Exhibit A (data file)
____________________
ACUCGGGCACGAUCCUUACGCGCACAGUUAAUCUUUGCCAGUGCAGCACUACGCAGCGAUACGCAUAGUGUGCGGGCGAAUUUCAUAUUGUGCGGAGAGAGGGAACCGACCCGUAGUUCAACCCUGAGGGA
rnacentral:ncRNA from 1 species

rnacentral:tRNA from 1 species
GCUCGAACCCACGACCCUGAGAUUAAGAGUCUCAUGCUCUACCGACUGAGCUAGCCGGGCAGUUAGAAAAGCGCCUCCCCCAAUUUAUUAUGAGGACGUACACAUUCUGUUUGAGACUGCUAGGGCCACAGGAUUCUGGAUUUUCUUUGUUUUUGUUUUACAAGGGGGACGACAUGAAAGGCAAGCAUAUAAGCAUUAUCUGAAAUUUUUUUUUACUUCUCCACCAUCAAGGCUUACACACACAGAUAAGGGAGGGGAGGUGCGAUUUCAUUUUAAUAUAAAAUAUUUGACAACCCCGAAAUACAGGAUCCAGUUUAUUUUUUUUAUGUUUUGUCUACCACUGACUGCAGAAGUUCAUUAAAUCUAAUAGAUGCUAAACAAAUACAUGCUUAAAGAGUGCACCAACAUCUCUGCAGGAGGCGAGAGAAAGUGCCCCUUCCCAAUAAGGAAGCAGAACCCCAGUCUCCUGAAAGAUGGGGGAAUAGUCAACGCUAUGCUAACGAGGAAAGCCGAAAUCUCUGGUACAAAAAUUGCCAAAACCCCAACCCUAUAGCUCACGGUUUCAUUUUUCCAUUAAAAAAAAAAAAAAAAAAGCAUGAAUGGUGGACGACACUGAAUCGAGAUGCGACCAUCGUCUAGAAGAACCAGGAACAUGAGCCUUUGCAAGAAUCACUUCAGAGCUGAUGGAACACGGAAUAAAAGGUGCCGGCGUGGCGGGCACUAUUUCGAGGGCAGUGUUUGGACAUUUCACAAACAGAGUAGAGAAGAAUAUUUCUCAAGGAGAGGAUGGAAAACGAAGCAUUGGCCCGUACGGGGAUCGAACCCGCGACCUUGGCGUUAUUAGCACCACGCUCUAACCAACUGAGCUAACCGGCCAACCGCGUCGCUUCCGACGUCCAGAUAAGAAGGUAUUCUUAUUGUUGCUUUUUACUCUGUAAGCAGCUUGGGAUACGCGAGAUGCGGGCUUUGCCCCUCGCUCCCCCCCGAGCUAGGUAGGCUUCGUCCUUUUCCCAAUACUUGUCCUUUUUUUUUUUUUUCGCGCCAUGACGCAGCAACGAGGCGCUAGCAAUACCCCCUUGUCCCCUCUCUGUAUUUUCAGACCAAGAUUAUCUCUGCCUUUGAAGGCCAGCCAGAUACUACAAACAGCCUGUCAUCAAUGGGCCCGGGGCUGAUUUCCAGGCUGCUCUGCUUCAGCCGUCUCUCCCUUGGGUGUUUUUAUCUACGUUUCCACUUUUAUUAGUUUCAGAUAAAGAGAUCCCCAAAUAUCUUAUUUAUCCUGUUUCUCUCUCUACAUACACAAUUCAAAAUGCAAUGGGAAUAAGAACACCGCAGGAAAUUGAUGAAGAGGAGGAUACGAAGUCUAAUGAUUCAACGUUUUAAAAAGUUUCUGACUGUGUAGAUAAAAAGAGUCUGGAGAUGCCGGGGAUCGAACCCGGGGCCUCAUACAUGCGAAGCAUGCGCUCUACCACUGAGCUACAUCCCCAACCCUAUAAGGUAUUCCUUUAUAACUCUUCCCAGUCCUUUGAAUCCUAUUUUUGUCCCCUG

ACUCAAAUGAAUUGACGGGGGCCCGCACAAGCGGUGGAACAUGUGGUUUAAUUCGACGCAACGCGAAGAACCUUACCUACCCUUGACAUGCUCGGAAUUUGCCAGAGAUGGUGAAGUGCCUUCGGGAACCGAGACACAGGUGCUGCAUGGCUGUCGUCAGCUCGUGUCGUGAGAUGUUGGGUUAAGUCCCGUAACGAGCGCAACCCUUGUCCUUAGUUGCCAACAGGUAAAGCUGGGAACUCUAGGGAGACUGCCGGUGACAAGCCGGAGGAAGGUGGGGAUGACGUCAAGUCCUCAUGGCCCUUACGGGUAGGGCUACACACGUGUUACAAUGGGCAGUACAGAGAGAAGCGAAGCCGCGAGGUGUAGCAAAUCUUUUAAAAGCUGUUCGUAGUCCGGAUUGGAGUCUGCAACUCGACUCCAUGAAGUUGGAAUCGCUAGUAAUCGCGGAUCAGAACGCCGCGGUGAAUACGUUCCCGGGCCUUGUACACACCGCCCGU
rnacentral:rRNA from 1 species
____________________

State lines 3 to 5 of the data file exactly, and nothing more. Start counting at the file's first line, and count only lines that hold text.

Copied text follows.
rnacentral:tRNA from 1 species
GCUCGAACCCACGACCCUGAGAUUAAGAGUCUCAUGCUCUACCGACUGAGCUAGCCGGGCAGUUAGAAAAGCGCCUCCCCCAAUUUAUUAUGAGGACGUACACAUUCUGUUUGAGACUGCUAGGGCCACAGGAUUCUGGAUUUUCUUUGUUUUUGUUUUACAAGGGGGACGACAUGAAAGGCAAGCAUAUAAGCAUUAUCUGAAAUUUUUUUUUACUUCUCCACCAUCAAGGCUUACACACACAGAUAAGGGAGGGGAGGUGCGAUUUCAUUUUAAUAUAAAAUAUUUGACAACCCCGAAAUACAGGAUCCAGUUUAUUUUUUUUAUGUUUUGUCUACCACUGACUGCAGAAGUUCAUUAAAUCUAAUAGAUGCUAAACAAAUACAUGCUUAAAGAGUGCACCAACAUCUCUGCAGGAGGCGAGAGAAAGUGCCCCUUCCCAAUAAGGAAGCAGAACCCCAGUCUCCUGAAAGAUGGGGGAAUAGUCAACGCUAUGCUAACGAGGAAAGCCGAAAUCUCUGGUACAAAAAUUGCCAAAACCCCAACCCUAUAGCUCACGGUUUCAUUUUUCCAUUAAAAAAAAAAAAAAAAAAGCAUGAAUGGUGGACGACACUGAAUCGAGAUGCGACCAUCGUCUAGAAGAACCAGGAACAUGAGCCUUUGCAAGAAUCACUUCAGAGCUGAUGGAACACGGAAUAAAAGGUGCCGGCGUGGCGGGCACUAUUUCGAGGGCAGUGUUUGGACAUUUCACAAACAGAGUAGAGAAGAAUAUUUCUCAAGGAGAGGAUGGAAAACGAAGCAUUGGCCCGUACGGGGAUCGAACCCGCGACCUUGGCGUUAUUAGCACCACGCUCUAACCAACUGAGCUAACCGGCCAACCGCGUCGCUUCCGACGUCCAGAUAAGAAGGUAUUCUUAUUGUUGCUUUUUACUCUGUAAGCAGCUUGGGAUACGCGAGAUGCGGGCUUUGCCCCUCGCUCCCCCCCGAGCUAGGUAGGCUUCGUCCUUUUCCCAAUACUUGUCCUUUUUUUUUUUUUUCGCGCCAUGACGCAGCAACGAGGCGCUAGCAAUACCCCCUUGUCCCCUCUCUGUAUUUUCAGACCAAGAUUAUCUCUGCCUUUGAAGGCCAGCCAGAUACUACAAACAGCCUGUCAUCAAUGGGCCCGGGGCUGAUUUCCAGGCUGCUCUGCUUCAGCCGUCUCUCCCUUGGGUGUUUUUAUCUACGUUUCCACUUUUAUUAGUUUCAGAUAAAGAGAUCCCCAAAUAUCUUAUUUAUCCUGUUUCUCUCUCUACAUACACAAUUCAAAAUGCAAUGGGAAUAAGAACACCGCAGGAAAUUGAUGAAGAGGAGGAUACGAAGUCUAAUGAUUCAACGUUUUAAAAAGUUUCUGACUGUGUAGAUAAAAAGAGUCUGGAGAUGCCGGGGAUCGAACCCGGGGCCUCAUACAUGCGAAGCAUGCGCUCUACCACUGAGCUACAUCCCCAACCCUAUAAGGUAUUCCUUUAUAACUCUUCCCAGUCCUUUGAAUCCUAUUUUUGUCCCCUG

ACUCAAAUGAAUUGACGGGGGCCCGCACAAGCGGUGGAACAUGUGGUUUAAUUCGACGCAACGCGAAGAACCUUACCUACCCUUGACAUGCUCGGAAUUUGCCAGAGAUGGUGAAGUGCCUUCGGGAACCGAGACACAGGUGCUGCAUGGCUGUCGUCAGCUCGUGUCGUGAGAUGUUGGGUUAAGUCCCGUAACGAGCGCAACCCUUGUCCUUAGUUGCCAACAGGUAAAGCUGGGAACUCUAGGGAGACUGCCGGUGACAAGCCGGAGGAAGGUGGGGAUGACGUCAAGUCCUCAUGGCCCUUACGGGUAGGGCUACACACGUGUUACAAUGGGCAGUACAGAGAGAAGCGAAGCCGCGAGGUGUAGCAAAUCUUUUAAAAGCUGUUCGUAGUCCGGAUUGGAGUCUGCAACUCGACUCCAUGAAGUUGGAAUCGCUAGUAAUCGCGGAUCAGAACGCCGCGGUGAAUACGUUCCCGGGCCUUGUACACACCGCCCGU